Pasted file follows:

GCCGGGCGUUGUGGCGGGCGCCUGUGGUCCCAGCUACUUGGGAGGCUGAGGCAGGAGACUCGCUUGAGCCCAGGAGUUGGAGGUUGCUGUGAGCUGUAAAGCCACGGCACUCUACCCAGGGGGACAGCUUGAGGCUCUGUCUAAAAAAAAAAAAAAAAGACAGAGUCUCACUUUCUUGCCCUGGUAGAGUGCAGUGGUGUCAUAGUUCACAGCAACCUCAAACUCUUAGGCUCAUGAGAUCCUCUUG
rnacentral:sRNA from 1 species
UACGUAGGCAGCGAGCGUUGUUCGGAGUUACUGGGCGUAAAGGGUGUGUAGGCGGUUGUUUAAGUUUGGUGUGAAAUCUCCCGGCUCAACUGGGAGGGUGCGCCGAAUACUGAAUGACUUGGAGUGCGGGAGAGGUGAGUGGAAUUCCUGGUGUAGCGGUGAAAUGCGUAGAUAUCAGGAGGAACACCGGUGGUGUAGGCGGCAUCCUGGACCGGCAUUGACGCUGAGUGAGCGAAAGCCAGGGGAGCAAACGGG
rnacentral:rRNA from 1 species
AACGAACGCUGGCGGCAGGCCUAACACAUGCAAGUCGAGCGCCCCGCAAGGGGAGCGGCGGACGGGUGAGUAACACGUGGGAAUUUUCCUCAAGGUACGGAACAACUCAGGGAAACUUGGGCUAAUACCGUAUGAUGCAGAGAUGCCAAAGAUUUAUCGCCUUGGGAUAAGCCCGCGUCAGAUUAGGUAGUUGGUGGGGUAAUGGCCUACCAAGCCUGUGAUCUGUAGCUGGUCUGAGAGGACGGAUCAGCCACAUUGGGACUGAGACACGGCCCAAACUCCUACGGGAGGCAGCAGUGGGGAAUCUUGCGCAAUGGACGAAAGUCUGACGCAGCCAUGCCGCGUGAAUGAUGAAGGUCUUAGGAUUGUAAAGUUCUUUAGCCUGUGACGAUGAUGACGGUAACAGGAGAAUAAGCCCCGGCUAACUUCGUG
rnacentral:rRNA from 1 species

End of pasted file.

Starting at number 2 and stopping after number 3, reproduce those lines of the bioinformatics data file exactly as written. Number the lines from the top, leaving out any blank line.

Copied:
rnacentral:sRNA from 1 species
UACGUAGGCAGCGAGCGUUGUUCGGAGUUACUGGGCGUAAAGGGUGUGUAGGCGGUUGUUUAAGUUUGGUGUGAAAUCUCCCGGCUCAACUGGGAGGGUGCGCCGAAUACUGAAUGACUUGGAGUGCGGGAGAGGUGAGUGGAAUUCCUGGUGUAGCGGUGAAAUGCGUAGAUAUCAGGAGGAACACCGGUGGUGUAGGCGGCAUCCUGGACCGGCAUUGACGCUGAGUGAGCGAAAGCCAGGGGAGCAAACGGG